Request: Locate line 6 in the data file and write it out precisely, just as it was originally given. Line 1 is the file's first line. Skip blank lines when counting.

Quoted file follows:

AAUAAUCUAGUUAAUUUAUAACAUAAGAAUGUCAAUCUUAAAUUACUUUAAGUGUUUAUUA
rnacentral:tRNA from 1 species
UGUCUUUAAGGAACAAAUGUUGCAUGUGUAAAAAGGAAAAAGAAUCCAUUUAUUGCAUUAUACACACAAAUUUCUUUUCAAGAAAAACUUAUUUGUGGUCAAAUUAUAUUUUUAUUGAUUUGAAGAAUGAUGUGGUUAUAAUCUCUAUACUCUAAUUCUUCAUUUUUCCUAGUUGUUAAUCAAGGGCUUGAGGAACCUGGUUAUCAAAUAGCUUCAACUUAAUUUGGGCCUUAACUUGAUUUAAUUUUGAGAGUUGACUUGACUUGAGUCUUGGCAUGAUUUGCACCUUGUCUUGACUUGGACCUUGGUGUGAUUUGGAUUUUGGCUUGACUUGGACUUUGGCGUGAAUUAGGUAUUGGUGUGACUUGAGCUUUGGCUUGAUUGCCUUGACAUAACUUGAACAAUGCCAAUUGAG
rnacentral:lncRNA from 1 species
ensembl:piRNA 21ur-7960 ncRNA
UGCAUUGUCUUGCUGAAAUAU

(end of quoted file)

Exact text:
UGCAUUGUCUUGCUGAAAUAU